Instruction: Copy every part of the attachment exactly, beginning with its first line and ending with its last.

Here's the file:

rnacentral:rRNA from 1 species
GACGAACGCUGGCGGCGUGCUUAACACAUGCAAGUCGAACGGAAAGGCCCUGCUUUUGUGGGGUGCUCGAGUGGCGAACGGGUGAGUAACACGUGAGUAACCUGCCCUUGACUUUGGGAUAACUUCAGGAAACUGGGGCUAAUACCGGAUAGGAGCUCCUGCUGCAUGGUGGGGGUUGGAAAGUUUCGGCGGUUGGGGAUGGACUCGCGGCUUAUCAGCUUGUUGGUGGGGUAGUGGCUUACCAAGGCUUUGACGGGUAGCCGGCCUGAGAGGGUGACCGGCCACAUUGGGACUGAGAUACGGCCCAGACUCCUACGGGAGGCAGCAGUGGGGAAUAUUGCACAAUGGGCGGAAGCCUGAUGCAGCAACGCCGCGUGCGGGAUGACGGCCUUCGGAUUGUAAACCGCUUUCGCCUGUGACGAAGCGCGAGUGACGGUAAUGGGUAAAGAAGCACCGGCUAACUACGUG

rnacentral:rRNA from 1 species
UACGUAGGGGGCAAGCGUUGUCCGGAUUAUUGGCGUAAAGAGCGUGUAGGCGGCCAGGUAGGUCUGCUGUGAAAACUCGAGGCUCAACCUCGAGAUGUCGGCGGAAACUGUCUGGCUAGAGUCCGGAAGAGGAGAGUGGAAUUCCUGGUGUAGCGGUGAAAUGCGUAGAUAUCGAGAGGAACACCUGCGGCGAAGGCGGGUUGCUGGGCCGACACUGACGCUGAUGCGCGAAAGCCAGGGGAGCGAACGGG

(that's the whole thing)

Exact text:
rnacentral:rRNA from 1 species
GACGAACGCUGGCGGCGUGCUUAACACAUGCAAGUCGAACGGAAAGGCCCUGCUUUUGUGGGGUGCUCGAGUGGCGAACGGGUGAGUAACACGUGAGUAACCUGCCCUUGACUUUGGGAUAACUUCAGGAAACUGGGGCUAAUACCGGAUAGGAGCUCCUGCUGCAUGGUGGGGGUUGGAAAGUUUCGGCGGUUGGGGAUGGACUCGCGGCUUAUCAGCUUGUUGGUGGGGUAGUGGCUUACCAAGGCUUUGACGGGUAGCCGGCCUGAGAGGGUGACCGGCCACAUUGGGACUGAGAUACGGCCCAGACUCCUACGGGAGGCAGCAGUGGGGAAUAUUGCACAAUGGGCGGAAGCCUGAUGCAGCAACGCCGCGUGCGGGAUGACGGCCUUCGGAUUGUAAACCGCUUUCGCCUGUGACGAAGCGCGAGUGACGGUAAUGGGUAAAGAAGCACCGGCUAACUACGUG

rnacentral:rRNA from 1 species
UACGUAGGGGGCAAGCGUUGUCCGGAUUAUUGGCGUAAAGAGCGUGUAGGCGGCCAGGUAGGUCUGCUGUGAAAACUCGAGGCUCAACCUCGAGAUGUCGGCGGAAACUGUCUGGCUAGAGUCCGGAAGAGGAGAGUGGAAUUCCUGGUGUAGCGGUGAAAUGCGUAGAUAUCGAGAGGAACACCUGCGGCGAAGGCGGGUUGCUGGGCCGACACUGACGCUGAUGCGCGAAAGCCAGGGGAGCGAACGGG